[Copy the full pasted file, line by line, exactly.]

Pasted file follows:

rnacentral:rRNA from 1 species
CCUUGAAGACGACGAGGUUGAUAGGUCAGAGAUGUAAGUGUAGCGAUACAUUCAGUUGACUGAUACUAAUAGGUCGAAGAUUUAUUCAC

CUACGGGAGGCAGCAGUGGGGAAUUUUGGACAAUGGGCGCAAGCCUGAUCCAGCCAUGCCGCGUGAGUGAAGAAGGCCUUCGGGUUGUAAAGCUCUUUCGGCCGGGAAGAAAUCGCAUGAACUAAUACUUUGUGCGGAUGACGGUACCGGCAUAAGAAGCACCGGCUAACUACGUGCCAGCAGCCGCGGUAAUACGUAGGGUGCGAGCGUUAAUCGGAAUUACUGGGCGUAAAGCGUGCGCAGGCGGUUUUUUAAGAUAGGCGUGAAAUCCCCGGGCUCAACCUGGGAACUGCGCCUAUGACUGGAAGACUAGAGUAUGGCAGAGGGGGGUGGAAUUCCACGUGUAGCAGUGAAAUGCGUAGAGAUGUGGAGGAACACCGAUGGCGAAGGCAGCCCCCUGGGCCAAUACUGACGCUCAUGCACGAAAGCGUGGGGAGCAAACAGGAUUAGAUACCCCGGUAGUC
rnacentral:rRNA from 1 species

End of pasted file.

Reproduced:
rnacentral:rRNA from 1 species
CCUUGAAGACGACGAGGUUGAUAGGUCAGAGAUGUAAGUGUAGCGAUACAUUCAGUUGACUGAUACUAAUAGGUCGAAGAUUUAUUCAC

CUACGGGAGGCAGCAGUGGGGAAUUUUGGACAAUGGGCGCAAGCCUGAUCCAGCCAUGCCGCGUGAGUGAAGAAGGCCUUCGGGUUGUAAAGCUCUUUCGGCCGGGAAGAAAUCGCAUGAACUAAUACUUUGUGCGGAUGACGGUACCGGCAUAAGAAGCACCGGCUAACUACGUGCCAGCAGCCGCGGUAAUACGUAGGGUGCGAGCGUUAAUCGGAAUUACUGGGCGUAAAGCGUGCGCAGGCGGUUUUUUAAGAUAGGCGUGAAAUCCCCGGGCUCAACCUGGGAACUGCGCCUAUGACUGGAAGACUAGAGUAUGGCAGAGGGGGGUGGAAUUCCACGUGUAGCAGUGAAAUGCGUAGAGAUGUGGAGGAACACCGAUGGCGAAGGCAGCCCCCUGGGCCAAUACUGACGCUCAUGCACGAAAGCGUGGGGAGCAAACAGGAUUAGAUACCCCGGUAGUC
rnacentral:rRNA from 1 species